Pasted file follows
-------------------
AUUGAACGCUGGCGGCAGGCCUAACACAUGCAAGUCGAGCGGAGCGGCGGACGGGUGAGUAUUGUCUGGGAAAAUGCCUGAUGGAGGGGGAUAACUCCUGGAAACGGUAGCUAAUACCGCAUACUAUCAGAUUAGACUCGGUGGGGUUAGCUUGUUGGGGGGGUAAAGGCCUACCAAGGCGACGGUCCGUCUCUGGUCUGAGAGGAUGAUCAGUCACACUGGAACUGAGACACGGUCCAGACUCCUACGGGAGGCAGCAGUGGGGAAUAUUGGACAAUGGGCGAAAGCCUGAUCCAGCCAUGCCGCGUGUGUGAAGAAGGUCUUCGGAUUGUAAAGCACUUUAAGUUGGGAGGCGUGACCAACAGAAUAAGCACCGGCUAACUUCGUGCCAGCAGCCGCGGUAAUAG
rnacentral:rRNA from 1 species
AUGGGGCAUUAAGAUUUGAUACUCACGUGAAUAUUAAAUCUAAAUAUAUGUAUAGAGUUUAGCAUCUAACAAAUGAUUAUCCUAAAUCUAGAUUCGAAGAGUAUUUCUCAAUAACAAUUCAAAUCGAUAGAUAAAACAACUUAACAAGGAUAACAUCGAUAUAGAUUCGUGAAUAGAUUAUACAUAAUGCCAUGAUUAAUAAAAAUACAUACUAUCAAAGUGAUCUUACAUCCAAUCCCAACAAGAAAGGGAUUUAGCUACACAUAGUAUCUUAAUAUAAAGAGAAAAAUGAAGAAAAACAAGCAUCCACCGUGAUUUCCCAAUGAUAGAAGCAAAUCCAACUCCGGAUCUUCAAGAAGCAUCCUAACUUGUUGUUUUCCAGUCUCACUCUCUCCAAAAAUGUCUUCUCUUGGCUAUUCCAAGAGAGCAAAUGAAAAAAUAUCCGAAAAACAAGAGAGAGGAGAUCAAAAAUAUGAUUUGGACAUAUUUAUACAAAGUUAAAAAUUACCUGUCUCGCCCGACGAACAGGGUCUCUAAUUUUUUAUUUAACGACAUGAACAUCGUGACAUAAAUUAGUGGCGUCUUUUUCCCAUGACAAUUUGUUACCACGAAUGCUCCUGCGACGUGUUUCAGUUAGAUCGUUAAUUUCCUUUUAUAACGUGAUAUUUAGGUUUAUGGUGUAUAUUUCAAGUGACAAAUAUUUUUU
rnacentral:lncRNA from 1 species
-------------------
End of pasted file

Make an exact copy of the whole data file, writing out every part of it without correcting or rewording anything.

AUUGAACGCUGGCGGCAGGCCUAACACAUGCAAGUCGAGCGGAGCGGCGGACGGGUGAGUAUUGUCUGGGAAAAUGCCUGAUGGAGGGGGAUAACUCCUGGAAACGGUAGCUAAUACCGCAUACUAUCAGAUUAGACUCGGUGGGGUUAGCUUGUUGGGGGGGUAAAGGCCUACCAAGGCGACGGUCCGUCUCUGGUCUGAGAGGAUGAUCAGUCACACUGGAACUGAGACACGGUCCAGACUCCUACGGGAGGCAGCAGUGGGGAAUAUUGGACAAUGGGCGAAAGCCUGAUCCAGCCAUGCCGCGUGUGUGAAGAAGGUCUUCGGAUUGUAAAGCACUUUAAGUUGGGAGGCGUGACCAACAGAAUAAGCACCGGCUAACUUCGUGCCAGCAGCCGCGGUAAUAG
rnacentral:rRNA from 1 species
AUGGGGCAUUAAGAUUUGAUACUCACGUGAAUAUUAAAUCUAAAUAUAUGUAUAGAGUUUAGCAUCUAACAAAUGAUUAUCCUAAAUCUAGAUUCGAAGAGUAUUUCUCAAUAACAAUUCAAAUCGAUAGAUAAAACAACUUAACAAGGAUAACAUCGAUAUAGAUUCGUGAAUAGAUUAUACAUAAUGCCAUGAUUAAUAAAAAUACAUACUAUCAAAGUGAUCUUACAUCCAAUCCCAACAAGAAAGGGAUUUAGCUACACAUAGUAUCUUAAUAUAAAGAGAAAAAUGAAGAAAAACAAGCAUCCACCGUGAUUUCCCAAUGAUAGAAGCAAAUCCAACUCCGGAUCUUCAAGAAGCAUCCUAACUUGUUGUUUUCCAGUCUCACUCUCUCCAAAAAUGUCUUCUCUUGGCUAUUCCAAGAGAGCAAAUGAAAAAAUAUCCGAAAAACAAGAGAGAGGAGAUCAAAAAUAUGAUUUGGACAUAUUUAUACAAAGUUAAAAAUUACCUGUCUCGCCCGACGAACAGGGUCUCUAAUUUUUUAUUUAACGACAUGAACAUCGUGACAUAAAUUAGUGGCGUCUUUUUCCCAUGACAAUUUGUUACCACGAAUGCUCCUGCGACGUGUUUCAGUUAGAUCGUUAAUUUCCUUUUAUAACGUGAUAUUUAGGUUUAUGGUGUAUAUUUCAAGUGACAAAUAUUUUUU
rnacentral:lncRNA from 1 species